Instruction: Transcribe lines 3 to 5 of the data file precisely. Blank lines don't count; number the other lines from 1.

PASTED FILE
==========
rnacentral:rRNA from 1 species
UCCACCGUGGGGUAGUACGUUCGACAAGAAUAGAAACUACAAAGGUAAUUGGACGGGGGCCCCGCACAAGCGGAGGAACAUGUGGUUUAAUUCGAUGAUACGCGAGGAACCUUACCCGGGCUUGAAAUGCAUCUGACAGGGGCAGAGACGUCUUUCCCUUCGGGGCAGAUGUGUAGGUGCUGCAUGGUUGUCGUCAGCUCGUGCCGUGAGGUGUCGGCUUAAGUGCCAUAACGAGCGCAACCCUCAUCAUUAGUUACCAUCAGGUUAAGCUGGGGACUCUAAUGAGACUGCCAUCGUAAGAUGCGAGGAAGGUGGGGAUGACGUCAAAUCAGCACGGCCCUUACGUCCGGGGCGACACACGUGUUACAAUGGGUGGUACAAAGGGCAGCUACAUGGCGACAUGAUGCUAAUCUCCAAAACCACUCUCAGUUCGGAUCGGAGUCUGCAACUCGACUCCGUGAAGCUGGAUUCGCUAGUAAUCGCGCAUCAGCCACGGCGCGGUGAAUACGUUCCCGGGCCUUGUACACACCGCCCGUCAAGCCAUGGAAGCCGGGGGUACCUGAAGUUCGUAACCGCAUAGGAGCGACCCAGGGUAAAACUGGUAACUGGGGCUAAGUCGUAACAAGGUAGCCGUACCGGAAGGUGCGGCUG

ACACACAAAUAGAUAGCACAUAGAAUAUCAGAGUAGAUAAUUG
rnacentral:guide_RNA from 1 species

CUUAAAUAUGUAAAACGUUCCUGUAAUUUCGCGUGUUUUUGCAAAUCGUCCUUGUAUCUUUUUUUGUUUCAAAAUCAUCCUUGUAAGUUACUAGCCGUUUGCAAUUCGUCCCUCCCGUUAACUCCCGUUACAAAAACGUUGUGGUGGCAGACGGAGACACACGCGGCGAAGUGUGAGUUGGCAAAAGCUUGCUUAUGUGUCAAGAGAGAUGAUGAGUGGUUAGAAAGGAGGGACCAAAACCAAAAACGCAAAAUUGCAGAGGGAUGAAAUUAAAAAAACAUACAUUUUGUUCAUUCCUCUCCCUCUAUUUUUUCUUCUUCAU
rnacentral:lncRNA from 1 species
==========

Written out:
ACACACAAAUAGAUAGCACAUAGAAUAUCAGAGUAGAUAAUUG
rnacentral:guide_RNA from 1 species

CUUAAAUAUGUAAAACGUUCCUGUAAUUUCGCGUGUUUUUGCAAAUCGUCCUUGUAUCUUUUUUUGUUUCAAAAUCAUCCUUGUAAGUUACUAGCCGUUUGCAAUUCGUCCCUCCCGUUAACUCCCGUUACAAAAACGUUGUGGUGGCAGACGGAGACACACGCGGCGAAGUGUGAGUUGGCAAAAGCUUGCUUAUGUGUCAAGAGAGAUGAUGAGUGGUUAGAAAGGAGGGACCAAAACCAAAAACGCAAAAUUGCAGAGGGAUGAAAUUAAAAAAACAUACAUUUUGUUCAUUCCUCUCCCUCUAUUUUUUCUUCUUCAU